Illinois has several gun license requirements.
A gun in the home, in the car or on your person can increase the feeling of personal security, provide a deterrent for criminals and even prevent harm from affecting a loved one. Still, in the wrong hands, guns can kill the innocent just as readily as the guilty. Because of this, states such as Illinois have introduced laws to ensure that licensed gun carriers are of good moral character.
While the U.S. Constitution protects the individual’s right to bear arms, and the state of Illinois Bill of Rights states that the right to bear arms can only be infringed through police power, Illinois still has a number of regulations concerning possession of firearms. In the state of Illinois, a Firearms Owner’s Identification Card, or FOID, is required even to purchase a firearm or ammunition. Citizens of Illinois over 21 years of age (or over 18 with parental consent) can apply for the FOID card by mail. Approval for a FOID card requires that the individual has never been convicted of a felony, has never been a narcotic addict, is not mentally retarded and has not been a patient of a mental hospital.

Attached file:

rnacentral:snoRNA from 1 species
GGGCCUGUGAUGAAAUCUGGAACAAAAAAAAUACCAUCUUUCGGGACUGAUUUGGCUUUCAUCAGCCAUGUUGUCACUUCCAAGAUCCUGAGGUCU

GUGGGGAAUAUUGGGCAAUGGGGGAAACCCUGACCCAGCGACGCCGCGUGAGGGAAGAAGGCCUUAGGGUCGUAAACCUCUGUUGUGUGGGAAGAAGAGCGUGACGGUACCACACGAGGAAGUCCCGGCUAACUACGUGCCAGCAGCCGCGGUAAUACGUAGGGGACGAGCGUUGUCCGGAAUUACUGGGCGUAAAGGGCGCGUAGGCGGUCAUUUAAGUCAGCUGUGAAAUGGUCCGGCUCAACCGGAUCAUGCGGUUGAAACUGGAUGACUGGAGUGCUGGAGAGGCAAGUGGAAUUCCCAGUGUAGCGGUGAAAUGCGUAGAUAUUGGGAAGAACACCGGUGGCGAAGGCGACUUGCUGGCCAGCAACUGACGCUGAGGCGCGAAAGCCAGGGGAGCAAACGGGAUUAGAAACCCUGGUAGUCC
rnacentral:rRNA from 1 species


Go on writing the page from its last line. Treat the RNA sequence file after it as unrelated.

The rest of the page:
Cooling Off Period
As with many states, Illinois has a mandatory 72-hour wait period between the time a person purchases a handgun and the time he can take the gun home from a licensed dealer. This period, called a cooling off period, allows the gun dealer to call the state police for a background check of the potential gun owner. Purchasing a rifle or hunting gun in Illinois carries a smaller wait time of 24 hours. Private sellers need not run a background check on a potential buyer and no wait time is legally mandated, but the seller must verify the purchaser’s FOID and keep a record of the ID number.
A person may legally buy handguns and hunting rifles from either a licensed dealer or a private broker. Even so, many guns are illegal to possess in Illinois, including any rifle with a barrel length of 16 inches or a shotgun with a barrel of less than 18 inches (e.g. sawed-off shotgun). The law also prohibits possession of machine guns or any guns “from which more than one shot may be discharged by a single function of the trigger, including the frame or receiver of any such weapon.”